Ensuring optimal performance from highly-dynamic, complex systems is not a simple task. Assuming that a group of trained experts will keep up the skill set to ensure optimal performance over time has become unrealistic. Too many elements are changing too drastically, too quickly. Traditional safeguards for business models based on intellectual property rights may impede the evolution of new and better-functioning solutions. With our current pace of change, we will need to find ways to spread the work to be done beyond narrow expert groups to the wider skill set within the non-expert general community.
Innovative business models
Although open source goods are usually distributed over the Internet for no cost, they can be the center of a rich commercial environment. Linux, for instance, lies at the center of many company offerings, and Red Hat, whose offerings are entirely based on Linux and a lot of free software built to work with it, earned nearly three hundred million dollars in one quarter of 2012.
Open source data and software are also used to develop non-free offerings. Likewise, the community data commons modeled after the NOAA example can be the basis for a number of innovative business models.
The NOAA framework used by the University of Mississippi in the scenario described earlier has also been introduced to a number of campuses in the US, UK, and Europe. The hope is that each university will adopt a minimal technical framework for the data commons, such that the raw data (about sleep, physical activity, diets, medication effects, and more) moves relatively freely across campuses. Each campus is then able to build its own intellectual property on that data substrate.
Early examples might include advancing tools to mine ultra large data sets or advancing privacy-preserving layers for networked data, which is beyond the needs for un-networked data. In this way, each campus is expected to draw on the commons to develop their own unique areas of expertise.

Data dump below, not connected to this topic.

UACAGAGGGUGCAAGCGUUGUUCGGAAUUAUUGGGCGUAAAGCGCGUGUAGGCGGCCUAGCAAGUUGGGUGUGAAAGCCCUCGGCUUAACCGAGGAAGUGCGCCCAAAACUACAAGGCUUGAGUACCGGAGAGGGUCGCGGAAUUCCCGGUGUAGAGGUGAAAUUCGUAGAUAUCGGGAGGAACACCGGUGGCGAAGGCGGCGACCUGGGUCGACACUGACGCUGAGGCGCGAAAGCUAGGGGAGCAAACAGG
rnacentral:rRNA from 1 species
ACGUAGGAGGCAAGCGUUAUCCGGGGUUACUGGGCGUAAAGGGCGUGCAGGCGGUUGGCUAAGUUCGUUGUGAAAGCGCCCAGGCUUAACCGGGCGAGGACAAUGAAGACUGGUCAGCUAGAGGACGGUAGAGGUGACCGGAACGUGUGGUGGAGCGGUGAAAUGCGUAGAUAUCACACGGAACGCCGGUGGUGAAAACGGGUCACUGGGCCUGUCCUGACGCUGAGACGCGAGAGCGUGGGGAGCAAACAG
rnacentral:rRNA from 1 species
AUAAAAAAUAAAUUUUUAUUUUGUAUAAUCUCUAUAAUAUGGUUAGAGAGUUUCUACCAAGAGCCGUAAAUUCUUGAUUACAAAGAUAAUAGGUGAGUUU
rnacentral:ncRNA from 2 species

There are at least four key ways to enable innovative business models:
Generate unique campus Intellectual Property (IP) and license that to outside parties as in the NOAA model.
Attract technology industries to fund campus projects to cost-effectively test the efficacy of integrated sensor solutions.
Charge third parties (pharmaceutical companies, health care payers, and others) to mine the data commons for valuable health forecasting.
Enable small and medium businesses to launch innovative apps after paying a subscription fee to use the data commons for a much richer data flow.
In this way, just as in the NOAA example, value in the form of reliable data volume is created first; then, after a critical mass of data has accumulated, various business cases are enabled. Another parallel with the NOAA model is that this commons approach to collocating data is inherently light on assumptions or rules. With weather, we rely on historical data patterns to drive the predictive power of future patterns. As patterns change and new co-occurrences of events are added to the mix (for instance, we have gone from having just a few markers of weather to over 60 now), we can rely on the past to help us make unbiased predictions as to what future weather will look like.
As history has taught us, we cannot predict now the health challenges of the future. In time, however, we will solve our problems with the poor nutritional value of factory food and our deplorable sedentary behavior. What will follow? We are sure to encounter new pressures that negatively influence the health and prosperity of mankind. Clearly, rebuilding a new data architecture for future human challenges might be required if our current one was inappropriately burdened with assumption rich rules that no longer apply in future societies.
Thus, to effectively future-proof our data commons, we must resist the urge to insert or apply excessive “intelligence” that may prevent underlying truths from surfacing. Sticking to the simple NOAA model will allow us to collect co-occurrences in increasingly complex combinations, without bias, to ensure that new relationships are forever exposed through large numbers. </p
Brigitte Piniewski is a primary care specialist who has practiced for several years in the US and Canada. Her research attempts to advance a data commons approach to gathering evidence-based health knowledge, collecting health data through low-cost, scalable technologies through socially connected crowds. She is currently the Chief Medical Officer at PeaceHealth Laboratories, serving communities in Alaska, Washington and Oregon. Andy Oram is an editor at O’Reilly with an interest in health care.